John Lister begins what we hope will be regular Lowdown coverage of the NHS in Scotland, with an overview of current key issues and an interview with UNISON’s Scottish Head of Health Matt McLaughlin.

The news media in England carries little information on the NHS in Scotland, which is controlled by the Scottish government, which is not due to face an election until 2026.

As a result insofar as many campaigners south of the border are aware of the Scottish NHS, they will probably be most aware of the apparent differences that should make things better in Scotland than England:

  • free prescriptions since 2011 (a positive difference underlined by the recent further increase in the prescription charges – paid only in England, and not in Wales, Scotland or Northern Ireland – to a massive £9.90 per item since May 1)
  • Scotland spends more per head on health than England, although the difference has narrowed. IFS figures show that in 1999–2000, Scotland spent 22% more per person on health than England, but by 2019–20 this had fallen to 3% more per person, and Scotland will spend around 3% more than England per person in 2024–25.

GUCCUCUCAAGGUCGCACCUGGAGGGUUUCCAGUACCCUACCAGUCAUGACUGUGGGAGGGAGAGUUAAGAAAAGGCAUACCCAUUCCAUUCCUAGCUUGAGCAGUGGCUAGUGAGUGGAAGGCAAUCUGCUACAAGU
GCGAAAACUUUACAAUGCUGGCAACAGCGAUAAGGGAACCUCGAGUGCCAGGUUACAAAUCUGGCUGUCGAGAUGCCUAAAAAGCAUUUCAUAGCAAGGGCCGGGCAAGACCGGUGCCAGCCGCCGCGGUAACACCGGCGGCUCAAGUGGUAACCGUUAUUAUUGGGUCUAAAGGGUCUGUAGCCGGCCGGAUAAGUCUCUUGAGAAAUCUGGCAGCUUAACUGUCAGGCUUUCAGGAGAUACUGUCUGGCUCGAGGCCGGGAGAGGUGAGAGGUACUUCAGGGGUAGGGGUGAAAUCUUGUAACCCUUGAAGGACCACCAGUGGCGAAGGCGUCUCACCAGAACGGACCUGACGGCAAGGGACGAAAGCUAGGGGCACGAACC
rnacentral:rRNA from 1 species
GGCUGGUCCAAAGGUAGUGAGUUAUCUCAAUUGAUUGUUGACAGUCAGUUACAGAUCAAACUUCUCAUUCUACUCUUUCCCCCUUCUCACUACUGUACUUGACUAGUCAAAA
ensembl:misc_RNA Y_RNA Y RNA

• Scotland provides social care funded through taxation rather than the English system centred on means tested charges – although many residents in nursing homes still contribute, at least in part, to their care.
  • Scotland has a Safe Staffing Act, which came into force on April 5, following on from and going further than the similar legislation in Wales – while no such protection exists in England.